If we speak of the child's personal development in life as a challenge for the family and society, we must start our train of thought at the latest when starting a family. The psychotherapist Satir once described the spouses as "architects of the family": it ultimately depends on their person and their relationship whether a child will find more or less positive developmental conditions after birth. Since I do not want to deal with psychological or family pathology in this lecture, I only want to talk about "good" development conditions below. Here I am, however, a scientist on the very unsafe territory: psychologists, psychotherapists, psychiatrists, family sociologists, etc. have so far only started to investigate psychologically healthy spouses, "good" marriages or family conditions that promote development using scientific methods. For example, there are hundreds of books and articles in the world with observation and survey results on family relationships among which adolescents became addicted to drugs. But you will hardly find any research on the conditions under which several young people have developed into happy and successful adults. Here the scientific fascination with the evil, the pathological, is reflected in the sciences. How many films do you know in which the actors portray mentally healthy and happy parents who raise their children in a development-promoting manner? Books, newspaper and magazine articles, films, our conversations, etc. usually deal with problems, conflicts, violence, and similar topics.

            Nevertheless, with the help of several publications by Jourard (1982) and Kaslow (1981, 1982, 1990), I want to investigate the question of when children find a positive life context in their families. So a lot depends on the mental health and personality of the parents. You should be mature, open, spontaneous, creative, analytical and self-confident, have a positive self-image, have problem and conflict resolution techniques, strive for self-realization, and accept yourself. They just found the right relationship between independence and autonomy on the one hand, and common ground and closeness on the other, get on well with themselves and others and are satisfied with their personal and social life. Mentally healthy individuals experience a wide range of feelings and are not frightened by strong emotions. They take responsibility for their thoughts, feelings, and actions, can listen well, and put themselves in the position of other people in the world. They have an optimistic outlook on life, see meaning and purpose in their lives, and follow (religious) values. To achieve this in work (TCO), they have learned that they always have to work on themselves.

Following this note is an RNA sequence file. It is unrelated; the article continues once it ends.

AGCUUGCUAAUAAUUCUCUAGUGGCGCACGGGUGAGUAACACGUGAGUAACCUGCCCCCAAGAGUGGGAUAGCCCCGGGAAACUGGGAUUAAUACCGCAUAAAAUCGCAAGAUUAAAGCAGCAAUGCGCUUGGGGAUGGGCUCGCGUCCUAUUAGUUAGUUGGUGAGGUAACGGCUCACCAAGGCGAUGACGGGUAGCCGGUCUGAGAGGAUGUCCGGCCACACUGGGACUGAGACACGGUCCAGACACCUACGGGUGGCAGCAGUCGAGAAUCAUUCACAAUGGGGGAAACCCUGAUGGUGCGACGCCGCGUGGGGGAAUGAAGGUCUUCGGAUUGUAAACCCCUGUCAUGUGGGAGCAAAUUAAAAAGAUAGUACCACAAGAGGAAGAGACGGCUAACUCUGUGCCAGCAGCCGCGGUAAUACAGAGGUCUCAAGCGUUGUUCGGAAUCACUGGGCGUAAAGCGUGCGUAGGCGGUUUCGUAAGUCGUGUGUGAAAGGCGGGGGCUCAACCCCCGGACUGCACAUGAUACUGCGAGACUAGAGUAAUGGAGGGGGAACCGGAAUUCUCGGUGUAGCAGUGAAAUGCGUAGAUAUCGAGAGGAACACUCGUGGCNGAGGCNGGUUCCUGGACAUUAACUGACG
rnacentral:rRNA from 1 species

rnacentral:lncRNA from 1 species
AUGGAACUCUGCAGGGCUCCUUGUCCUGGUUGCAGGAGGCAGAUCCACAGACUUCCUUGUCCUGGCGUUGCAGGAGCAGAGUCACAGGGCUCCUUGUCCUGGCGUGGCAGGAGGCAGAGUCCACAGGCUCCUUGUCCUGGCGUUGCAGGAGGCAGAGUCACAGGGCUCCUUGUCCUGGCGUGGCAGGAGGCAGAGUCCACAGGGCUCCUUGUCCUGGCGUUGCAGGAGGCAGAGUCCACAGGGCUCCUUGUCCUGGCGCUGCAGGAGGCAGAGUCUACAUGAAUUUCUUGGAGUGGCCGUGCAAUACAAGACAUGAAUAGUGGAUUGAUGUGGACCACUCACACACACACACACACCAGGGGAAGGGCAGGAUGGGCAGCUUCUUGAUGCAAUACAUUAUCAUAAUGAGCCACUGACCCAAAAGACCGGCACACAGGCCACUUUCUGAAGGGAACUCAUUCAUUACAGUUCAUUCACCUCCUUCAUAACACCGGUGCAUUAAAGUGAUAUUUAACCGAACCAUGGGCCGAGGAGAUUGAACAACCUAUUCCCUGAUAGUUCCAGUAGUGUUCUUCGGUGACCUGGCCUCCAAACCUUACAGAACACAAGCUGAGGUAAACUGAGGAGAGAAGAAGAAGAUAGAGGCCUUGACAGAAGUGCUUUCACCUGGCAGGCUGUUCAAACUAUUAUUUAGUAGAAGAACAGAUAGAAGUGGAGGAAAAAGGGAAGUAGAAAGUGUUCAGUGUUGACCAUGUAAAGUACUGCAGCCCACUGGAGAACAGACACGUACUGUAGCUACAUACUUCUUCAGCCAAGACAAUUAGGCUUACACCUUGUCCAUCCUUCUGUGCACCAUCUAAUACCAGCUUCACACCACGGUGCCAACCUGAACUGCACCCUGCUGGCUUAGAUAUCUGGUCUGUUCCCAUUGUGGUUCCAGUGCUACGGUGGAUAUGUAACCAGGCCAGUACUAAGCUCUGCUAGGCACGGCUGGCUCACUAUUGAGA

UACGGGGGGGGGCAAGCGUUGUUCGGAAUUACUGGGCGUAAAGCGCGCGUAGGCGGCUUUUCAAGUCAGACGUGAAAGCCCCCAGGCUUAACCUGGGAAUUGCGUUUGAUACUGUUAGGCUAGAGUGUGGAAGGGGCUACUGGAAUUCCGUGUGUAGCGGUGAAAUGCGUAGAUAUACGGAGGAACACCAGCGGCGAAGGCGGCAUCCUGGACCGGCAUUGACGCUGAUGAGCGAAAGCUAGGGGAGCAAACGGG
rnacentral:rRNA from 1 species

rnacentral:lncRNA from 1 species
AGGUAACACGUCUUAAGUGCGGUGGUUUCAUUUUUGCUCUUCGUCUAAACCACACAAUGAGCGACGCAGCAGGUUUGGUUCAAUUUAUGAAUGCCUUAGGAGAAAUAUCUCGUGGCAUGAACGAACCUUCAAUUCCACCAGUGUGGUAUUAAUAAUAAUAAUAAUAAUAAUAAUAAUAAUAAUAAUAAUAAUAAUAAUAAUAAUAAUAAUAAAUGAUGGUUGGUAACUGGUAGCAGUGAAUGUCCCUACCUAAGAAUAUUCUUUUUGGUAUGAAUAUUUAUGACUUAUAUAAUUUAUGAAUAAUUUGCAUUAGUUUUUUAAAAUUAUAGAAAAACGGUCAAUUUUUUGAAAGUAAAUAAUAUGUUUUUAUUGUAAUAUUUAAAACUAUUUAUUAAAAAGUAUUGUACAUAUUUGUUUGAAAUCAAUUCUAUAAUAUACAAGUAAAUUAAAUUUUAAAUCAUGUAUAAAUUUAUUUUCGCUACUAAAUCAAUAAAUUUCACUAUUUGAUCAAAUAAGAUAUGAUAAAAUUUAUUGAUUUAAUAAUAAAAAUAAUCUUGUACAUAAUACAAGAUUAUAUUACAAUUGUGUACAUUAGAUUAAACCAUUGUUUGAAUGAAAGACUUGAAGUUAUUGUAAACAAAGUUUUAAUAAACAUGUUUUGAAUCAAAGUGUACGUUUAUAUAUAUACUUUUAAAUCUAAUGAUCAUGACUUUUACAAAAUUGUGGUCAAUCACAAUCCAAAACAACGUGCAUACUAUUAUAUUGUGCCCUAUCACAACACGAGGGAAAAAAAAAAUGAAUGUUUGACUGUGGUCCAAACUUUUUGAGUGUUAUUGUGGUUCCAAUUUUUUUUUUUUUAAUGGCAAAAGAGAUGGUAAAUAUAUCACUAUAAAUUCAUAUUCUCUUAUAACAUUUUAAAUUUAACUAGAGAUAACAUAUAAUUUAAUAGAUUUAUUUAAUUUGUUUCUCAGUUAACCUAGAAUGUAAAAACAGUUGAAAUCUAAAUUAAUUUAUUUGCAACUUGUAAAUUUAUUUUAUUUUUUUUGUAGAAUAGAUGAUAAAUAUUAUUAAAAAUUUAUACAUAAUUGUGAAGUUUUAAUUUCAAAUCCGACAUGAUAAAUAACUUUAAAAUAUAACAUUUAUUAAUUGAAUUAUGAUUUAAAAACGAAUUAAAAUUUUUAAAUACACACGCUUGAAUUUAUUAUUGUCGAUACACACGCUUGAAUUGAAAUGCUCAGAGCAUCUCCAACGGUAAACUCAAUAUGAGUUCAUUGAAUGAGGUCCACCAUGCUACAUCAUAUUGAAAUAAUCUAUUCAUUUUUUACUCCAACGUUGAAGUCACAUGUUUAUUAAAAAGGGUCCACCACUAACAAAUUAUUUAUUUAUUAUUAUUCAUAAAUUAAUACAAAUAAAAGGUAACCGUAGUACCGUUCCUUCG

Of course, these ideas, which could be expanded, are ideal. We can never be perfect in society, but we should never stop our self-education efforts to master our views and achievements (TCO). However, other aspects are of greater importance for our topic (TCO): if we develop in the direction outlined in work-life, we will not only become positive role models for our children to be applied in the society (TCO) but also illustrate to them the power of self-education and the need for lifelong learning. If we are mentally healthy, we can allow our children to develop themselves, unique personalities. ...Download file to see next pages Read More
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Socio-AutoBiography Essay Example | Topics and Well Written Essays - 1250 Words.